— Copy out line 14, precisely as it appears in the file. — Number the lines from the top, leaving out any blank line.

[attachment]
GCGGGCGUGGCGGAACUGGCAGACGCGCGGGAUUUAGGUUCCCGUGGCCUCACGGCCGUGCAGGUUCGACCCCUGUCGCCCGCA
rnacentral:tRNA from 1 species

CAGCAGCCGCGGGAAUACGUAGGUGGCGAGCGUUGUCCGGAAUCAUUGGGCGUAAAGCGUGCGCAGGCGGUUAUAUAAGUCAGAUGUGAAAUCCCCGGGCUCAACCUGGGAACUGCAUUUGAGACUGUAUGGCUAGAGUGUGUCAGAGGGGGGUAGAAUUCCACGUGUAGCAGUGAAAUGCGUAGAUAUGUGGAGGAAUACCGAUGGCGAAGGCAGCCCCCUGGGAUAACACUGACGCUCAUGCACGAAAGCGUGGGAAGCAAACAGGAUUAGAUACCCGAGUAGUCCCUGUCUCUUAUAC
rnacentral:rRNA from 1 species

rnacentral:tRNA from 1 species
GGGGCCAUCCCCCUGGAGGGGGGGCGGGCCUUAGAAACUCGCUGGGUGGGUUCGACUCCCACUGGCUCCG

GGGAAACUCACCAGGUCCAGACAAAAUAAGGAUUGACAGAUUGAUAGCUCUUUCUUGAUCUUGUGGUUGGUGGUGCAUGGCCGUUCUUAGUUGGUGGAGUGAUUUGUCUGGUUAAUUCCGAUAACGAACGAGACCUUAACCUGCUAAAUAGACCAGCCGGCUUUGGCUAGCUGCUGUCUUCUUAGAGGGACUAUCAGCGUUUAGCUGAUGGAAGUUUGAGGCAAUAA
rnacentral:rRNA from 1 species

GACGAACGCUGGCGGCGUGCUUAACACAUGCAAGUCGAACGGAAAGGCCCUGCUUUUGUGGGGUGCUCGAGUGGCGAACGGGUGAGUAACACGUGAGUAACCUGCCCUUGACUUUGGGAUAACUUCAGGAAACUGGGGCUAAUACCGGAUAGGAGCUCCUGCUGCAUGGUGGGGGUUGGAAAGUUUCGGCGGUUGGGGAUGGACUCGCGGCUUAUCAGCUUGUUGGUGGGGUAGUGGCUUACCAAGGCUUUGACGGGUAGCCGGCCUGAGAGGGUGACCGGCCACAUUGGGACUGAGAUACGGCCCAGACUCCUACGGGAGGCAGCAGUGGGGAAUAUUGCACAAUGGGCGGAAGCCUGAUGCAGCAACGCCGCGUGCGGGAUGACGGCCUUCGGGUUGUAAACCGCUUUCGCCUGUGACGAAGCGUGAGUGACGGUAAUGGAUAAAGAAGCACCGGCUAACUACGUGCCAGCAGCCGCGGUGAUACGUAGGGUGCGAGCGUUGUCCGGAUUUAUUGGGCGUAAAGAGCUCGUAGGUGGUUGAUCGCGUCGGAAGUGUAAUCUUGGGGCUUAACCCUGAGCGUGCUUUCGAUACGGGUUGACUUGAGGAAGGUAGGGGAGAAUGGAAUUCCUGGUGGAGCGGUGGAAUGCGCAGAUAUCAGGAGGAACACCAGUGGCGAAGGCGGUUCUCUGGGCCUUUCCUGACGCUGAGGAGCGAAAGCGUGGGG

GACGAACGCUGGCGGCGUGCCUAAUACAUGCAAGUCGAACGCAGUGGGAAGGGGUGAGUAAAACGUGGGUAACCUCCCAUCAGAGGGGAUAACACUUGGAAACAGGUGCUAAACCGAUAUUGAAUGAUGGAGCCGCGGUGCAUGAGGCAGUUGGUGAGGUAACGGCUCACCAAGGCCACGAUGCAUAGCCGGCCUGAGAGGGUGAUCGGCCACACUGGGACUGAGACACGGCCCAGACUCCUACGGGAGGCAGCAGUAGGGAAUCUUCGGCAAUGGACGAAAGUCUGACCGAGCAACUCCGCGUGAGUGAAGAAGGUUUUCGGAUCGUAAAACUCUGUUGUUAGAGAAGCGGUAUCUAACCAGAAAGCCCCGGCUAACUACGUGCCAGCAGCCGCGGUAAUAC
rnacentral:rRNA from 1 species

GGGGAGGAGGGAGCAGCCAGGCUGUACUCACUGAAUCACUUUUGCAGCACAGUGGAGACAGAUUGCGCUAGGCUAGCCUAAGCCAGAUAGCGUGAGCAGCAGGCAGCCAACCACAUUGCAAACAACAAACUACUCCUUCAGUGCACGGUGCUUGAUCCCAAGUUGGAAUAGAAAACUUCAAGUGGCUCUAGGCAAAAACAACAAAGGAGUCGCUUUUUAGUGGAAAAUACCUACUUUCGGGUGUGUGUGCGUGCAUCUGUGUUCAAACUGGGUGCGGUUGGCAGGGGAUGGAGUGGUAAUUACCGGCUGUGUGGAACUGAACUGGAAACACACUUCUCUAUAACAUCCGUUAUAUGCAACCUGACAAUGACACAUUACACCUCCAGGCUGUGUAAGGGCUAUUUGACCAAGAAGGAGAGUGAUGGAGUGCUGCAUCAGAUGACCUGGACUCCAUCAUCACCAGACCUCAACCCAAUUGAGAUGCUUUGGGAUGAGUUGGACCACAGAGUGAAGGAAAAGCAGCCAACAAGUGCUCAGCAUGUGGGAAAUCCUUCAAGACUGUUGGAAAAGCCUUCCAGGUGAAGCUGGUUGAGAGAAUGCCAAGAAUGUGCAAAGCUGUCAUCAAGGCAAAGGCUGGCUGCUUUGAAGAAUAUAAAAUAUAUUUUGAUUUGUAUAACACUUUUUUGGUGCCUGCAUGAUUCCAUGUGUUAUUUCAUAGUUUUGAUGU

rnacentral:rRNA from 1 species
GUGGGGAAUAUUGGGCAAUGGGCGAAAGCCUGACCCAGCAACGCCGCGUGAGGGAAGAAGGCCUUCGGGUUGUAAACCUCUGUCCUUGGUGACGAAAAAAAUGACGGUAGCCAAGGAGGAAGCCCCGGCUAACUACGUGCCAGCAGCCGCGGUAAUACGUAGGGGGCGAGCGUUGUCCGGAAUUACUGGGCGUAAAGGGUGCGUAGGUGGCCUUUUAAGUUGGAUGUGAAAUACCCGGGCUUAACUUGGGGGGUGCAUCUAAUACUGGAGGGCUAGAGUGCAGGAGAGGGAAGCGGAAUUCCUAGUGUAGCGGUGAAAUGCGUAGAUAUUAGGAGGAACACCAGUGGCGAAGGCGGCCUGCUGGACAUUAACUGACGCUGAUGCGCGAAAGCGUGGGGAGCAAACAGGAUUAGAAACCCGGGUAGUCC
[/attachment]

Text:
GUGGGGAAUAUUGGGCAAUGGGCGAAAGCCUGACCCAGCAACGCCGCGUGAGGGAAGAAGGCCUUCGGGUUGUAAACCUCUGUCCUUGGUGACGAAAAAAAUGACGGUAGCCAAGGAGGAAGCCCCGGCUAACUACGUGCCAGCAGCCGCGGUAAUACGUAGGGGGCGAGCGUUGUCCGGAAUUACUGGGCGUAAAGGGUGCGUAGGUGGCCUUUUAAGUUGGAUGUGAAAUACCCGGGCUUAACUUGGGGGGUGCAUCUAAUACUGGAGGGCUAGAGUGCAGGAGAGGGAAGCGGAAUUCCUAGUGUAGCGGUGAAAUGCGUAGAUAUUAGGAGGAACACCAGUGGCGAAGGCGGCCUGCUGGACAUUAACUGACGCUGAUGCGCGAAAGCGUGGGGAGCAAACAGGAUUAGAAACCCGGGUAGUCC